Just a Theory ... Again (Sigh)
So, the Ohio Supreme Court is finally hearing the case of that teacher who pushed creationism and Christianity, since all the lower courts upheld his being fired.
Here's the most disheartening thing of all.
Justices appeared perplexed, at times irritated, about what lawyers believed was the legal issue before them.Yes, Mr Justice, it is. Like gravity and germs and relativity and heliocentrism...
Justice Paul Pfeifer was incredulous when Mr. Smith argued that Mr. Freshwater's evolution class wouldn't have been covered under the school district's controversial-issues policy.
"So there's nothing controversial about evolution," he said. "It is a theory, isn't it?"
As they say at Not Just a Theory:
In everyday use, theory means a guess or a hunch, something that maybe needs proof. In science, a theory is not a guess, not a hunch. It's a well-substantiated, well-supported, well-documented explanation for our observations. It ties together all the facts about something, providing an explanation that fits all the observations and can be used to make predictions. In science, theory is the ultimate goal, the explanation. It's as close to proven as anything in science can be.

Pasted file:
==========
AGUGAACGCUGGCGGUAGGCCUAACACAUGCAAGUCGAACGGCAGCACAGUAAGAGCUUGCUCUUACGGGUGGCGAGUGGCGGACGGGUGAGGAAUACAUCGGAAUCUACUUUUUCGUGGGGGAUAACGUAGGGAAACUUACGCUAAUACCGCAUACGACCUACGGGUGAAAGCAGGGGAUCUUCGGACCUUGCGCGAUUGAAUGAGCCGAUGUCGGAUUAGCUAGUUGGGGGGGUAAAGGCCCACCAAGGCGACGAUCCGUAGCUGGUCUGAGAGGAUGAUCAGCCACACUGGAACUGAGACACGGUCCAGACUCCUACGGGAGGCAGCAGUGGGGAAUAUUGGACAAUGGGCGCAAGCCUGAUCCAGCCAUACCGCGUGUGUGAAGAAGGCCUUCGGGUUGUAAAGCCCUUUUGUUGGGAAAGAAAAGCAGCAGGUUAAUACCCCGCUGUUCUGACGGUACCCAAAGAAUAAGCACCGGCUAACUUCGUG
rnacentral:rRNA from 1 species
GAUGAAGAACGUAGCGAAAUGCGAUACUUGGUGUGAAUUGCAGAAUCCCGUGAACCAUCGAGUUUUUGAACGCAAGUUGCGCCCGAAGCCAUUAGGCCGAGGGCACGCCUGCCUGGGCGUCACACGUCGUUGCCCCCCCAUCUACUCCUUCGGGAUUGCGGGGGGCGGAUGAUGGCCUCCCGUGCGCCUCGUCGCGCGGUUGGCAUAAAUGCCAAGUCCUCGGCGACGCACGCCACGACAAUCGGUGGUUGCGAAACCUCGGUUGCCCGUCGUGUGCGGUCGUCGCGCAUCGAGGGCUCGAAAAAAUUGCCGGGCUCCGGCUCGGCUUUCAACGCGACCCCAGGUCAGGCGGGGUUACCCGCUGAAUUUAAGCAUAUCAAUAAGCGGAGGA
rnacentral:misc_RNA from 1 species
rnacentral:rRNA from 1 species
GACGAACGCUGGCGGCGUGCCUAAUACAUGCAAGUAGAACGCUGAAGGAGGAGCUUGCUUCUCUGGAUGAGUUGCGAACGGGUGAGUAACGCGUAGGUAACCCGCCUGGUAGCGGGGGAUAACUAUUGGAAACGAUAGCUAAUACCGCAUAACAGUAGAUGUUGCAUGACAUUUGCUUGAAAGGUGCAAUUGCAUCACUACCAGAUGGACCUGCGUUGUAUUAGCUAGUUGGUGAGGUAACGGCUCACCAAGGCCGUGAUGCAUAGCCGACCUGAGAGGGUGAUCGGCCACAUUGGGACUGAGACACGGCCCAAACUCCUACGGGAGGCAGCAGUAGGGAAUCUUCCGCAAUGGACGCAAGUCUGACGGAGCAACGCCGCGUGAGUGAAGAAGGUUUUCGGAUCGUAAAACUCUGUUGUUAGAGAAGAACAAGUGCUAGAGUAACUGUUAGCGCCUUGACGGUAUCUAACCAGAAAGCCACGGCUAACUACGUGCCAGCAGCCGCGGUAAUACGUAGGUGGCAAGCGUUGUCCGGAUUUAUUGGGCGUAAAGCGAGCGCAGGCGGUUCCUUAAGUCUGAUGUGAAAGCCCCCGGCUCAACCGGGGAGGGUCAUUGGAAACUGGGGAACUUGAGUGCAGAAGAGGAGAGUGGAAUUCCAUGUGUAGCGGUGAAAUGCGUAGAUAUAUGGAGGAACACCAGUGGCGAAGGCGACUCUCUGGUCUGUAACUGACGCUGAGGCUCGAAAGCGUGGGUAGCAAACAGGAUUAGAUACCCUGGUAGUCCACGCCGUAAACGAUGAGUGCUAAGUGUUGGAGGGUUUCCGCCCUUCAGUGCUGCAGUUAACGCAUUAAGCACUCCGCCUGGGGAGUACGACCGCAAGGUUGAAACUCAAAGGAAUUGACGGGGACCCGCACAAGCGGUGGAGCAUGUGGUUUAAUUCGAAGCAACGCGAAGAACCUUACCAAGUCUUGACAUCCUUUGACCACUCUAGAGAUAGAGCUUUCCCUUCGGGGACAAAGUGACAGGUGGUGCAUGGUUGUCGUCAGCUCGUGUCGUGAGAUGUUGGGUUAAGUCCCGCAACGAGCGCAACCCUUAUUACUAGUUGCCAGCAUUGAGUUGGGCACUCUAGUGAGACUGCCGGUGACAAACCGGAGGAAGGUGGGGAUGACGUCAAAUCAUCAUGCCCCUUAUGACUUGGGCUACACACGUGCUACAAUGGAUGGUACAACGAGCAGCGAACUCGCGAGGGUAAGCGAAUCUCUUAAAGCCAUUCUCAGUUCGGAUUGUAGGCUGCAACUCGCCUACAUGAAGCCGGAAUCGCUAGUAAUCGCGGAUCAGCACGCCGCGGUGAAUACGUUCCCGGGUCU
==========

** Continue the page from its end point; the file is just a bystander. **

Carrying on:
Some people think that in science, you have a theory, and once it's proven, it becomes a law. That's not how it works. In science, we collect facts, or observations, we use laws to describe them, and a theory to explain them. You don't promote a theory to a law by proving it. A theory never becomes a law.
This bears repeating. A theory never becomes a law. In fact, if there was a hierarchy of science, theories would be higher than laws. There is nothing higher, or better, than a theory. Laws describe things, theories explain them. An example will help you to understand this. There's a law of gravity, which is the description of gravity. It basically says that if you let go of something it'll fall. It doesn't say why. Then there's the theory of gravity, which is an attempt to explain why. Actually, Newton's Theory of Gravity did a pretty good job, but Einstein's Theory of Relativity does a better job of explaining it. These explanations are called theories, and will always be theories. They can't be changed into laws, because laws are different things. Laws describe, and theories explain.